“The mold in which a key is made would be a strange thing, if you had never seen a key: and the key itself a strange thing if you had never seen a lock. Your soul has a curious shape because it is a hollow made to fit a particular swelling in the infinite contours of the divine substance, or a key to unlock one of the doors in the house with many mansions.

Your place in heaven will seem to be made for you and you alone, because you were made for it -- made for it stitch by stitch as a glove is made for a hand.”


“If tribulation is a necessary element in redemption, we must anticipate that it will never cease till God sees the world to be either redeemed or no further redeemable.”

“Everyone feels benevolent if nothing happens to be annoying him at the moment.”

“God has no needs. Human love, as Plato teaches us, is the child of Poverty – of want or lack; it is caused by a real or supposed goal in its beloved which the lover needs and desires. But God's love, far from being caused by goodness in the object, causes all the goodness which the object has, loving it first into existence, and then into real, though derivative, lovability. God is Goodness. He can give good, but cannot need or get it. In that sense , His love is, as it were, bottomlessly selfless by very definition; it has everything to give, and nothing to receive.”

“Let me implore the reader to try to believe, if only for a moment, that God, who made these deserving people, may really be right when He thinks that their modest prosperity and the happiness of their children are not enough to make them blessed: that all this must fall from them in the end, and if they have not learned to know Him they will be wretched. And therefore He troubles them, warning them in advance of an insufficiency that one day they will have to discover. The life to themselves and their families stands between them and the recognition of their need; He makes that life less sweet to them.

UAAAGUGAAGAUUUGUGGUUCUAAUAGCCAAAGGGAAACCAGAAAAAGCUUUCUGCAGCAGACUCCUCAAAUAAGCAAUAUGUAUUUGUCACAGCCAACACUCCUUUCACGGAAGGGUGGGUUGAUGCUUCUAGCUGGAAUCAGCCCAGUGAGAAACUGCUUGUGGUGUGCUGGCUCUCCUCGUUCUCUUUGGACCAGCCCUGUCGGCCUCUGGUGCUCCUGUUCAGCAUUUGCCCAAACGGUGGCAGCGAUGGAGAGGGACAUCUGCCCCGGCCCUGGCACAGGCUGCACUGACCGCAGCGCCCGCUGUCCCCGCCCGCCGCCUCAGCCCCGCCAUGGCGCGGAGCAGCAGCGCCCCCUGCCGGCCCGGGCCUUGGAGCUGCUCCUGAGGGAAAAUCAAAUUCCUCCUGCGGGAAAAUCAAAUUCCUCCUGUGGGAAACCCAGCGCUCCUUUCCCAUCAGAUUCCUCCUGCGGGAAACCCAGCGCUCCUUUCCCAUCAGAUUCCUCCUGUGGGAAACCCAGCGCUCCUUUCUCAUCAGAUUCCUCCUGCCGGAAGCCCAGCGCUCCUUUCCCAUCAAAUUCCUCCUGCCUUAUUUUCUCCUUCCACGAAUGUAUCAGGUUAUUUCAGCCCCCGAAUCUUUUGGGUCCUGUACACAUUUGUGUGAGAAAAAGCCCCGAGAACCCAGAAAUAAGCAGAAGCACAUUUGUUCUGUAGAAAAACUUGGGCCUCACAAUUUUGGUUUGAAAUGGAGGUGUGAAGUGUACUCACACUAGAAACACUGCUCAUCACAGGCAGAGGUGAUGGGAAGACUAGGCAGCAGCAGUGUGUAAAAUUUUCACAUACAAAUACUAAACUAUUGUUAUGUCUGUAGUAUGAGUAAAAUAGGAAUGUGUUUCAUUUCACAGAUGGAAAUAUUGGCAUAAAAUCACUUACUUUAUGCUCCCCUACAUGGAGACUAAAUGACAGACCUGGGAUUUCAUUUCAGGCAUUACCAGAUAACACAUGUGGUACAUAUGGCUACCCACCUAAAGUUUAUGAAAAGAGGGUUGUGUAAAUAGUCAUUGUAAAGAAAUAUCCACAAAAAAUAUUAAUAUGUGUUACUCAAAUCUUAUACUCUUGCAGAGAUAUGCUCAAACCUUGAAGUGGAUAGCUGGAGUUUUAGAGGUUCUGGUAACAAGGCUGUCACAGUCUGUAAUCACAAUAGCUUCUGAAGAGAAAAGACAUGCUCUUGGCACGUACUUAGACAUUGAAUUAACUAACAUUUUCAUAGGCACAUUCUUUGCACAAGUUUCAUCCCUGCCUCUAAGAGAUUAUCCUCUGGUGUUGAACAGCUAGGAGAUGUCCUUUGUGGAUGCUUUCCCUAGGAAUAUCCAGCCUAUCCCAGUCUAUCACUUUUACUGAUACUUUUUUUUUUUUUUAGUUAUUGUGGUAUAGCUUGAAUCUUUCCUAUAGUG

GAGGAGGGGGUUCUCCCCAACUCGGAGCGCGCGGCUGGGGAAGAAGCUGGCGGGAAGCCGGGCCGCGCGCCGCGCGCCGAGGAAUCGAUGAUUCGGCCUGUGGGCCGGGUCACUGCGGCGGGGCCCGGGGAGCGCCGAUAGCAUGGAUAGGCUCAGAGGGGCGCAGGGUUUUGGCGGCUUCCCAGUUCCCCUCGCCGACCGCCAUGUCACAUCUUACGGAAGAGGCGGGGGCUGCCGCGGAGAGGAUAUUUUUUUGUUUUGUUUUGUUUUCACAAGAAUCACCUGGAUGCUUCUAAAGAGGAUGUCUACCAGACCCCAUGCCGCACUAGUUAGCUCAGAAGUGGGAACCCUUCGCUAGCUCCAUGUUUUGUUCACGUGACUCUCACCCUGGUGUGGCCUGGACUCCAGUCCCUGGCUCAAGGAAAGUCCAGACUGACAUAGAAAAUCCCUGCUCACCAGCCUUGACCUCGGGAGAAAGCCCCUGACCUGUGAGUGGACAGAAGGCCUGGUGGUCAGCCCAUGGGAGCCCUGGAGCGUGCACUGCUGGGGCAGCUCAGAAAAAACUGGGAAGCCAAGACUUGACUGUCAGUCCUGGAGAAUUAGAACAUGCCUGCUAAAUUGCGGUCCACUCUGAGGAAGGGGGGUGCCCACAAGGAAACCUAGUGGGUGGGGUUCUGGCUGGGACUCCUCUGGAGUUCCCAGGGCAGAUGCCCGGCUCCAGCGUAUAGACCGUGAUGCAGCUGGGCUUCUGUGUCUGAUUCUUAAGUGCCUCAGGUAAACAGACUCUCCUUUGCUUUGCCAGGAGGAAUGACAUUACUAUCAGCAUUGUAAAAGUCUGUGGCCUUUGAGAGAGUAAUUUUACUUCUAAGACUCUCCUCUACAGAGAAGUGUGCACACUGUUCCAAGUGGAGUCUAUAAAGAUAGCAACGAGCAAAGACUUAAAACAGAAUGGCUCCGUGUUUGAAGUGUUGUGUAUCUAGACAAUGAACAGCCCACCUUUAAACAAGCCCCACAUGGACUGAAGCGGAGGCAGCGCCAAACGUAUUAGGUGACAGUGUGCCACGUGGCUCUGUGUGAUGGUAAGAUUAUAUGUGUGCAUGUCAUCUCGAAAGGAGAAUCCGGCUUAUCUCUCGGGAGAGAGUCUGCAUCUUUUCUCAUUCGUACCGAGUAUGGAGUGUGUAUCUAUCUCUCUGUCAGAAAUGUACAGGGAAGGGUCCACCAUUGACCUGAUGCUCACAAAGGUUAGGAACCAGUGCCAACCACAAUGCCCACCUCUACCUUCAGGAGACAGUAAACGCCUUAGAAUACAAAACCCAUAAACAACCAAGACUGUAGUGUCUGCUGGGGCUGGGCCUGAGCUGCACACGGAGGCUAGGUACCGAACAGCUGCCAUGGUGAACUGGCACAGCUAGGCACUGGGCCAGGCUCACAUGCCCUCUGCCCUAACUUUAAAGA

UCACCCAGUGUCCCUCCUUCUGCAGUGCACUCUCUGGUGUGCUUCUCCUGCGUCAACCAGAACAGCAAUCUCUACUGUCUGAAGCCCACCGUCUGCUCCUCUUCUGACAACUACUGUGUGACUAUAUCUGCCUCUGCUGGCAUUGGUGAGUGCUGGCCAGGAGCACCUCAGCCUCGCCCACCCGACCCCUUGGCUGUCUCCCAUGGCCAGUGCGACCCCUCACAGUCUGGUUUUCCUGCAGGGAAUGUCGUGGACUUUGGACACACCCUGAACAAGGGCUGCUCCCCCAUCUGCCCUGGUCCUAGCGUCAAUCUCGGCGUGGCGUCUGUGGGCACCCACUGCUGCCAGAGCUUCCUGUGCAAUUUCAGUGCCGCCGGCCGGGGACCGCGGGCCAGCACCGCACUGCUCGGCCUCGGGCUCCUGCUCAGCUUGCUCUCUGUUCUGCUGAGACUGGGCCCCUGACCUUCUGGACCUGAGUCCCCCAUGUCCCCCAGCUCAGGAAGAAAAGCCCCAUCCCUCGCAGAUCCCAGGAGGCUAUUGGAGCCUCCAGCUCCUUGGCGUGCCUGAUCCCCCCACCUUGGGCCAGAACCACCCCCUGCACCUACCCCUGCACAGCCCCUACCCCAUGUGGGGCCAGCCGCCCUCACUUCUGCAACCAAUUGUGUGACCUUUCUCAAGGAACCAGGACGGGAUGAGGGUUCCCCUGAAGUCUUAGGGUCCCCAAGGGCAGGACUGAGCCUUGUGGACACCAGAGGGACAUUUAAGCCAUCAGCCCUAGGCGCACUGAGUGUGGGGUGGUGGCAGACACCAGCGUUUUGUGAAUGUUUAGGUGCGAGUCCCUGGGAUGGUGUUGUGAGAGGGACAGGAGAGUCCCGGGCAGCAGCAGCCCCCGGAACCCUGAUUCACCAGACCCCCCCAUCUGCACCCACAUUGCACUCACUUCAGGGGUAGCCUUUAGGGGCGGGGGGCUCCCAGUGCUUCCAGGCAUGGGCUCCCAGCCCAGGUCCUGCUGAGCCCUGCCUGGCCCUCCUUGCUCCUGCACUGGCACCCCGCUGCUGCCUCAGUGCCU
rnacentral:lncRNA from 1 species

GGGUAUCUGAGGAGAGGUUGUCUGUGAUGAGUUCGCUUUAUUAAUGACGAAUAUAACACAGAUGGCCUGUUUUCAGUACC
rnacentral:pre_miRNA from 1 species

If God were proud He would hardly have us on such terms: but He is not proud, He stoops to conquer, He will have us even though we have shown that we prefer everything else to Him, and come to Him because there is 'nothing better' now to be had.”

― C.S. Lewis, The Problem of Pain


~Siân

Tuesday, April 22, 2014

Napoleon Bonaparte on Jesus Christ

"I know men, and I tell you that Jesus Christ is not a man. Superficial minds see a resemblance between Christ and the founders of empires and the gods of other religions. That resemblance does not exist. There is between Christianity and every other religion the distance of infinity.

"We can say to the authors of every other religion, You are neither gods nor the agents of Deity. You are but missionaries of falsehood, moulded from the same clay with the rest of mortals. You are made with all the passions and vices inseparable from them. Your temples and your priests proclaim your origin. Such will be the judgment, the cry of conscience, of whoever examines the gods and the temples of paganism.

"Paganism was never accepted as truth by the wise men of Greece, neither by Socrates, Pythagoras, Plato, Anaxagoras nor Pericles. But on the other side the loftiest intellects since the advent of Christianity have had faith, a living faith, a practical faith, in the mysteries and the doctrines of the gospel; not only Bossuet and Fénelon who were preachers, but Descartes and Newton, Leibnitz and Pascal, Corneille and Racine, Charlemagne and Louis XIV. [But hear Christ in Matt. xi. 25, 26.]

"Paganism is the work of man. One can here read but our imbecility. What do these gods, so boastful, know more than other mortals? these legislators, Greek or Roman? this Numa, this Lycurgus? these priests of India or of Memphis? this Confucius, this Mahomet? Absolutely nothing. They have made a perfect chaos of morals. There is not one among them all who has said anything new in reference to our future destiny, to the soul, to the essence of God, to the creation. Enter the sanctuaries of paganism — you there find perfect chaos, a thousand contradictions, the immobility of sculpture, the division and the rending of unity, the parcelling out of the divine attributes, mutilated or denied in their essence, the sophisms of ignorance and presumption, polluted fêtes, impurity and abomination adored, all sorts of corruption festering in the thick shades, with the rotten wood, the idol and his priest. Does this honour God, or does it dishonour Him? Are these religions and these gods to be compared with Christianity?